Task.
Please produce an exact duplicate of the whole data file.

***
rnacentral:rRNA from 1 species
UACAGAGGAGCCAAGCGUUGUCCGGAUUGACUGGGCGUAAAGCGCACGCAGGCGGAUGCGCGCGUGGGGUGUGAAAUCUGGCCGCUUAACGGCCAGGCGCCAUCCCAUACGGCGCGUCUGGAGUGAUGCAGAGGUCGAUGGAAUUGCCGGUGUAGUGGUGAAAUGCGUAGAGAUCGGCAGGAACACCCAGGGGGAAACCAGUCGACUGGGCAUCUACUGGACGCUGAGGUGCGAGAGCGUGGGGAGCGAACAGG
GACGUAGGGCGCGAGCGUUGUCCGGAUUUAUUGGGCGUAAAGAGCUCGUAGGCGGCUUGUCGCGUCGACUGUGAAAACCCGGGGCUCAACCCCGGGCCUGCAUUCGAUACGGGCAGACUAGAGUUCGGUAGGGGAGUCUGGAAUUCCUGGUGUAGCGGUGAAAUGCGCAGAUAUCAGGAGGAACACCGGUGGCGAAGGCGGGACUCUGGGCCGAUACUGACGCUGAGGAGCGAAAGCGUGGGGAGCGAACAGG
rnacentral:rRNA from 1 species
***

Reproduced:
rnacentral:rRNA from 1 species
UACAGAGGAGCCAAGCGUUGUCCGGAUUGACUGGGCGUAAAGCGCACGCAGGCGGAUGCGCGCGUGGGGUGUGAAAUCUGGCCGCUUAACGGCCAGGCGCCAUCCCAUACGGCGCGUCUGGAGUGAUGCAGAGGUCGAUGGAAUUGCCGGUGUAGUGGUGAAAUGCGUAGAGAUCGGCAGGAACACCCAGGGGGAAACCAGUCGACUGGGCAUCUACUGGACGCUGAGGUGCGAGAGCGUGGGGAGCGAACAGG
GACGUAGGGCGCGAGCGUUGUCCGGAUUUAUUGGGCGUAAAGAGCUCGUAGGCGGCUUGUCGCGUCGACUGUGAAAACCCGGGGCUCAACCCCGGGCCUGCAUUCGAUACGGGCAGACUAGAGUUCGGUAGGGGAGUCUGGAAUUCCUGGUGUAGCGGUGAAAUGCGCAGAUAUCAGGAGGAACACCGGUGGCGAAGGCGGGACUCUGGGCCGAUACUGACGCUGAGGAGCGAAAGCGUGGGGAGCGAACAGG
rnacentral:rRNA from 1 species